First, mount the NFS system. Replace the IP with the IP of your NFS server in the mount command.

yum -y install nfs-utils
mount 192.168.1.91:/nfs /var/www/html
echo "192.168.1.91:/nfs       /var/www/html    nfs     defaults 0 0" >> /etc/fstab
chown -R apache:apache /var/www/html

Then, check if you can reach the RDS MySQL server. You should receive some garbage.

yum -y install telnet
telnet rm-2evrh4h3aq9tk800z.mysql.rds.aliyuncs.com 3306
Trying 172.16.1.41...
Connected to rm-2evrh4h3aq9tk800z.mysql.rds.aliyuncs.com.
Escape character is '^]'.
N
5.7.20-log▒F5;I!]:p]H3R[^mysql_native_password

Second, install Apache and all PHP modules on both servers. I’ll install PHP 5.4 because it’s already in the default repo. You should install PHP 7.x, it’s a little bit more work.

yum -y install httpd php php-common php-mysql php-gd php-xml php-mbstring php-mcrypt
systemctl enable httpd
systemctl start httpd

Now, we have to configure the Apache server. It’s a simple change in /etc/httpd/conf/httpd.conf file. You’ll probably want to use virtual hosts, but in interest of keeping this short, I’ll use a single site config. Find the directive that says #ServerName www.example.com:80 and remove the comment.

sed -i '/ServerName www/s/^#//g' /etc/httpd/conf/httpd.conf

Load Balancer

From the menu on the left, click on Server Load Balancer.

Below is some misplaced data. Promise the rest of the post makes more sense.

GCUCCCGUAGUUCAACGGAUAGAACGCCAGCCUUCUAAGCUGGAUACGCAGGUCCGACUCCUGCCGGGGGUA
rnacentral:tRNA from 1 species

Once the screen shows up, click on Create SLB Instance. Then choose the specs. Make sure it is in the same region with your instances and in the same zones (VSWitches). Name the load balancer too, e.g. lbWordPress.

Once it’s ready, click on Add Backend Servers.

From the list of the available servers, choose web1 and web2 in the Default Server Group.

Click on Next: Set Weight and Port button and click OK to accept the defaults. Go back to the load balancer and this time click Configure Listener (above Add Backend Servers).

Choose HTTP traffic, port 80, click Modify next to Advanced and Enable Session Persistence. Click Next.


On this screen click on Default Server Group, type port 80 for the servers and click Next. You can accept the defaults in the next screen or make a change if you like.

Open a browser and go to your load balancer IP. It might take up a minute for the LB to configure so be patient if your browser is just sitting there.

If you used my username and database names, fill out the config page like this.

…and pretty much that’s it.